What we use to cook our food is just as important as the food we eat. Heart disease runs in my family, as well as a plethora of other diseases, so I try my best to eat the healthiest of foods. I am very conscious with what I eat and the products I use on my body and in my home; that includes the fats and oils I choose to cook with.
There are a handful of cooking oils that I prefer to use on a daily basis. In this post, I will share with you how and why I choose these oils and I will use some unfamiliar words like “smoke point” and “oxidation”.
Smoke point is the temperature in which the oil begins to break down and oxidize resulting in the smoking and burning of the oil. Oil oxidation is the chemical reaction in which high temperatures, light, moisture and oxygen exposure can begin to damage the flavor of the oil making it rancid.
All of the oils I will be sharing with you have many health benefits in and out of the kitchen. While there are many debates regarding their uses, this is my personal choice for my family.
For as far back as I can remember, my family has cooked using extra virgin olive oil picked from the trees in our village. I remember waking up before dawn, during olive picking season, and going to my grandparent’s land and picking olives till sundown. It was a beautiful time with all of us gathered under the trees, picking olives and breaking bread together. It was always fun going to school the next day and sharing with my friends the amazing experience I had the day before. We would have school field trips to the oil press to see dark green olives turn into a beautiful liquid gold; it is still one of my favorite childhood memories.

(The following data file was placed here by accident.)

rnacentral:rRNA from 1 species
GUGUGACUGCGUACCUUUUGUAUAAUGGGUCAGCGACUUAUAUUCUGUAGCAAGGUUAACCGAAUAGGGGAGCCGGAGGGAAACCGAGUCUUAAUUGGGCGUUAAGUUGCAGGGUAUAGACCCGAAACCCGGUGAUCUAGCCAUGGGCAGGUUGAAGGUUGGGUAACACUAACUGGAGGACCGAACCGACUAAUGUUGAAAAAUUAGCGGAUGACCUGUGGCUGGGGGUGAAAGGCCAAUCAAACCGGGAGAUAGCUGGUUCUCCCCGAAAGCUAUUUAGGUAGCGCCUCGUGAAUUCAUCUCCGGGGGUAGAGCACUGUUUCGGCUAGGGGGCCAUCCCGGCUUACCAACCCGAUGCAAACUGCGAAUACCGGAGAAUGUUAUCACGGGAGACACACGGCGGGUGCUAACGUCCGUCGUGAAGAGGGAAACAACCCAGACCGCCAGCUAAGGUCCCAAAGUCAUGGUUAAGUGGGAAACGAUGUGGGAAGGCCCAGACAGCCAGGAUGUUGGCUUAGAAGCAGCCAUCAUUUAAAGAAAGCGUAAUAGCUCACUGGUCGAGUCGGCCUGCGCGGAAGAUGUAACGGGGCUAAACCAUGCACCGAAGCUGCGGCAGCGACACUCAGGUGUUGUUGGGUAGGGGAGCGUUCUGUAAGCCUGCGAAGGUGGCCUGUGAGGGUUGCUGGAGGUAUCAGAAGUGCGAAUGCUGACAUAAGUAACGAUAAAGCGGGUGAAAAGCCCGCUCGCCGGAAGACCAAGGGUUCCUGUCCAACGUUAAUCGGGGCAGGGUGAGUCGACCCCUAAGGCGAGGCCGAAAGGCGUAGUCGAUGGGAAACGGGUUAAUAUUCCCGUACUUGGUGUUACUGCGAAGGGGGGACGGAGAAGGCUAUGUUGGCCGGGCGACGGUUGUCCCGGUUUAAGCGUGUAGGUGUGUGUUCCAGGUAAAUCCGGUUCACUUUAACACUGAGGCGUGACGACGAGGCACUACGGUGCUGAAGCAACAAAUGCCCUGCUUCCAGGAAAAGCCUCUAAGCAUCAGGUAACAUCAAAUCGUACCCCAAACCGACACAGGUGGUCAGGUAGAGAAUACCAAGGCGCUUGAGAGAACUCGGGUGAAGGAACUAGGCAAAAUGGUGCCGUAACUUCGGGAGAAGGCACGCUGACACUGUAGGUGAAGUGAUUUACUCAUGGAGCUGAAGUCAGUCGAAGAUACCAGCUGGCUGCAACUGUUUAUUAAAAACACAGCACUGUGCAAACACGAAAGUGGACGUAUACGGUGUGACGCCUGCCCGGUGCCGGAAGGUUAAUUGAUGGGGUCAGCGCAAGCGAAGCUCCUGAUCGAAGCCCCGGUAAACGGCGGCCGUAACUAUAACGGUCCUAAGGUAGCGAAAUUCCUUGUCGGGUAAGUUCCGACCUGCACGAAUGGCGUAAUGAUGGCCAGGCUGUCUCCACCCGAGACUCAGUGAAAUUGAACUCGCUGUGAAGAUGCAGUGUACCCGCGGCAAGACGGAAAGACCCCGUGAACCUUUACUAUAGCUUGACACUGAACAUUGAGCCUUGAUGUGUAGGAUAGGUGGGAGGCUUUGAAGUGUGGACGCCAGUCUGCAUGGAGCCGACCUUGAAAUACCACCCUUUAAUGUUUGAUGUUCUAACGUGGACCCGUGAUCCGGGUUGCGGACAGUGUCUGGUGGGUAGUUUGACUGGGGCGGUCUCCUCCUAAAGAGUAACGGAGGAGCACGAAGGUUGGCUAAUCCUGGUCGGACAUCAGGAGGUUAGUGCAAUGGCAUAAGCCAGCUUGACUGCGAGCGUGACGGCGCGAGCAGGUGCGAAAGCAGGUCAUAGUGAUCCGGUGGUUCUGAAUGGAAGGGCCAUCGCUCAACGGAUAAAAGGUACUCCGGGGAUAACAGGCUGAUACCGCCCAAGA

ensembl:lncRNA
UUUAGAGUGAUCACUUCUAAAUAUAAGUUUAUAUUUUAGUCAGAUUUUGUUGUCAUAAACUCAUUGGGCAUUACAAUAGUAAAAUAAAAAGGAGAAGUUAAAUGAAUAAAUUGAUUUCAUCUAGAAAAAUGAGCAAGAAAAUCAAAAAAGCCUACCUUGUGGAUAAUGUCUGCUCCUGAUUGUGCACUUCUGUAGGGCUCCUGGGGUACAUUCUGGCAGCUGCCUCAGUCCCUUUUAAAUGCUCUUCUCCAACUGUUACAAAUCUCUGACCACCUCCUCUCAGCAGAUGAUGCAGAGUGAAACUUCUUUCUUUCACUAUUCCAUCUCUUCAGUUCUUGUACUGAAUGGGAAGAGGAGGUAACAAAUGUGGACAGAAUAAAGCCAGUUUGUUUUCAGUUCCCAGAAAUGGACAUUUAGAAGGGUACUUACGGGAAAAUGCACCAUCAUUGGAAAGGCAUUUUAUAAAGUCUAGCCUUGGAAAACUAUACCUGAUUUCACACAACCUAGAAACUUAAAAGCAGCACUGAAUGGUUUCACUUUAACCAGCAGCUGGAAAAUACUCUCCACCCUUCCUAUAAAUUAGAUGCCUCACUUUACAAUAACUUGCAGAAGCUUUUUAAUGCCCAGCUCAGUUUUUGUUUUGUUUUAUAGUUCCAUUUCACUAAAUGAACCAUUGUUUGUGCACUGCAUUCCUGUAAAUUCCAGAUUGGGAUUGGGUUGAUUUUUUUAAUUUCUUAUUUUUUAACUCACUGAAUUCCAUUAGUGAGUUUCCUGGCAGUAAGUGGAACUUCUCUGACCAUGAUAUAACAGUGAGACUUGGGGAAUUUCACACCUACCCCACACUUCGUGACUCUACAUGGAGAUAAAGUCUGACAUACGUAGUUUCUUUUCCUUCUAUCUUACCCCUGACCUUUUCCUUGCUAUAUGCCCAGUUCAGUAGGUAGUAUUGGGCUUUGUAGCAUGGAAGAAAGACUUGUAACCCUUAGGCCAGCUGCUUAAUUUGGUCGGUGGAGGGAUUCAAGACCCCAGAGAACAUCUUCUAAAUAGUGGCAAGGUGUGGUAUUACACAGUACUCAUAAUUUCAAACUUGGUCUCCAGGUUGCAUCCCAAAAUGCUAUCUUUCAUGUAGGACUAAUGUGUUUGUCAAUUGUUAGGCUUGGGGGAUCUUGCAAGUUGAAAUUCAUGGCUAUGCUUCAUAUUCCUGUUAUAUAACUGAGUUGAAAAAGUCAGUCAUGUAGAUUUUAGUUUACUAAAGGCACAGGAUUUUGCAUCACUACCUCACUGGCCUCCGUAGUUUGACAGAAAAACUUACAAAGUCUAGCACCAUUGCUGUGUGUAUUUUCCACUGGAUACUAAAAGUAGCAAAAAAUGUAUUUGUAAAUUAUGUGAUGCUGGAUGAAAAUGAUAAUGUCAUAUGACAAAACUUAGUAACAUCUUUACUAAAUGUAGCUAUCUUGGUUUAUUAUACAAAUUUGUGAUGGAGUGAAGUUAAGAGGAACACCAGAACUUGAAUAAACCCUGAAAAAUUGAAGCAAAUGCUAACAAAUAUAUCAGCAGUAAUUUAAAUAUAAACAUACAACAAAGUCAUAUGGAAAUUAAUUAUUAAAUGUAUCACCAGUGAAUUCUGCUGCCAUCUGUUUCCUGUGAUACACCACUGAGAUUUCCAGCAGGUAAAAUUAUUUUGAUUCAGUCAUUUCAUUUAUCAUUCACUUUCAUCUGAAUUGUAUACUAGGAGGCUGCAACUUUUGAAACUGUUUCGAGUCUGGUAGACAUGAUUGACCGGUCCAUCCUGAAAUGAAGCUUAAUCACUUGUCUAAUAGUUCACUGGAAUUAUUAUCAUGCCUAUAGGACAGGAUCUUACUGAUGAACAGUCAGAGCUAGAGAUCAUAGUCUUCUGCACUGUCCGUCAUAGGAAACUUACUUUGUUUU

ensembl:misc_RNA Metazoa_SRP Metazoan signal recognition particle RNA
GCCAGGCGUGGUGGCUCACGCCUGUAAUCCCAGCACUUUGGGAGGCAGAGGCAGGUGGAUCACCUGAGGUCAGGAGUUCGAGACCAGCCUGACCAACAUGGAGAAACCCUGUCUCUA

Olive oil is one of the tastiest oils and is very popular in Mediterranean and Middle Eastern culture and cuisine. The smell of fresh pita bread, olive oil and zait o za’tar (zaatar and oil) brings back a flood of memories that makes me miss home. My people have cooked with it for centuries, dipped their bread in it and used to it to dress many dishes and salads. It has many health benefits and is used to make many beauty products including soap.
Back home when a family recipe calls for oil, it is almost always olive oil. Corn oil is used for deep frying but that is not the best option. I’m breaking the trend a little bit, because I personally don’t cook with olive oil. That may surprise many of you but olive oil has a smoke point of 325° F. For that reason, I like to use it cold (room temperature) to dress salads and to drizzle on dishes after they are cooked.
When I first got married and moved away from my family, I remember standing in the oil section at my grocery searching for the best olive oil. I was inspecting every bottle trying to find the best one. I was holding it up towards the light, gently shaking it, trying to find the best consistency without actually opening the bottle and smelling it. I’m sure my new husband at the time thought I was crazy but I grew up with the best quality olive oil and I was trained to differentiate between the good and the bad oil.